Dr. E. E. Imarhiagbe
Ag. HOD, Department of Environmental Management and Toxicology
The Senate of the University of Benin, on 3rd July 2013, approved the creation of a new Department of Environmental Management and Toxicology from the existing Part-time Environmental Science Unit established in the 1999/2000 Academic Session in the Faculty of Life Sciences to run a Full-Time programme leading to the award of the Bachelor of Science (B.Sc.) degree in Environmental Management and Toxicology. However, it was not until after the visit of the National Universities Commission (NUC) to ascertain the resources available for its take-off on Thursday, 3rd September 2015 that the Department was granted approval to run the Full-Time programme leading to the award of the Bachelor of Science (B.Sc.) degree in Environmental Management and Toxicology. The pioneer 100 Level Full-Time students of this diverse and multidisciplinary field of study were admitted in the 2015/2016 academic session.
MISSION STATEMENT OF DEPARTMENT
To develop the human mind to be creative, innovative, research-oriented, competent in areas of specialization, knowledgeable in entrepreneurship and dedicated to service
The philosophy of the programme is the training of Environmental Managers and Toxicologists to the highest scientific and research standard in the identification and resolution of environmental issues such as pollution control, waste management, environmental biotechnology and toxicology. The programme is a specialized multi-disciplinary one executed through four different units as follows:
- Aquatic/Terrestrial Toxicology,
- Genetic/Molecular Toxicology,
- Environmental Chemistry, and
- Environmental Management
In line with the institutional mission, the programme provides students with a broad and balanced foundation of Environmental Management and Toxicology and practical skills in the areas of management of institutional, industrial, research laboratories and workshops to meet local and international environmental needs. Given the constant environmental degradation in the country, the programme is relevant to national needs in training graduates to understand the ecosystem to promote and advocate sustainability of the environment for future development of the country.
AIM AND OBJECTIVES
The programme will provide skilled manpower, trained specifically for environmental surveillance, monitoring and management.
The specific objectives are:
- to provide students with a broad and balanced foundation of scientific knowledge and practical skills in the areas of sustainable management of the environmental needs of the country and the international community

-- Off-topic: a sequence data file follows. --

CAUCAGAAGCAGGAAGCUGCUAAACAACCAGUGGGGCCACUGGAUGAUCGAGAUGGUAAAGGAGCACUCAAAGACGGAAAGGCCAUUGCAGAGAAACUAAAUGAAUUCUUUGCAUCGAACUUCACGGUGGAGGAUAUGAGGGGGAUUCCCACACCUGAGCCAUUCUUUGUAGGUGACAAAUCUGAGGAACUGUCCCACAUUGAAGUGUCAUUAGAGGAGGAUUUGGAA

- to produce skilled manpower to meet specific needs on the environment. These needs include the ability to initiate novel ideas for the transformation, resuscitation and sustainable management of contaminated environments
- for the training and deployment of employable and entrepreneurial graduates to create genuine career opportunities with a wide range of organisations such as water authorities, research institutes, conservation bodies, businesses, local authorities, government and private agencies.
- UTME: Candidates who have successfully completed the senior secondary school or its equivalent and obtained five credits in Mathematics, English Language, Chemistry, Geography and Biology or Agricultural Science, in not more than two sittings and candidates must also have at least a pass in Physics. Candidates must score the minimum cut-off points specified by JAMB and also passed the post UTME examination of the University of Benin. The UTME subjects are: English, Chemistry, Biology and either Mathematics, Geography or Physics.
- Direct Entry: Candidates who fulfill the above requirements and who have obtained G.C.E Advanced Level, H.S.C. or equivalent passes in Biology and Chemistry, may be admitted at the 200 level of the programme. Also, candidates having:
- At least a credit level pass in the University of Benin Diploma in any of the following:
- Food and Brewing Science (DFBS)
- Applied Microbiology (DAM)
- Science Laboratory Technology (DSLT)
- Geology (DIG)
- Analytical and Industrial Chemistry (DAIC)
- Diploma in related areas from other recognized Universities with at least an Upper credit level pass in the areas listed in (a) above.
- Ordinary National Diploma (OND) with at least a credit level pass in Science Laboratory Technology (SLT), Food Technology, Polymer Chemistry, Geology/Mining or other related subject area from a recognized polytechnic or College of Technology.
For candidates who join the programme at 100 level, they are expected to register and pass a minimum of 160 credit units, for those joining at 200 level, they are expected to register and pass minimum of 130 credit units; while for those joining at 300 level, they are expected to register and pass minimum of 100 credit units. In other words, 30 credits from each level courses as application and in addition, 10 credit units of General Studies mandatory courses which are not used in calculating the G.P.A.
Classification of Degree
|Credit Units (i)||Percentage Score (ii)||Letter Grade (iii)||Grade Points (GP) (iv)||Remark||Grade Point Average (GPA) (v)||Cumulative Grade Point Average (GPA) (vi)||Class of Degree (vii)|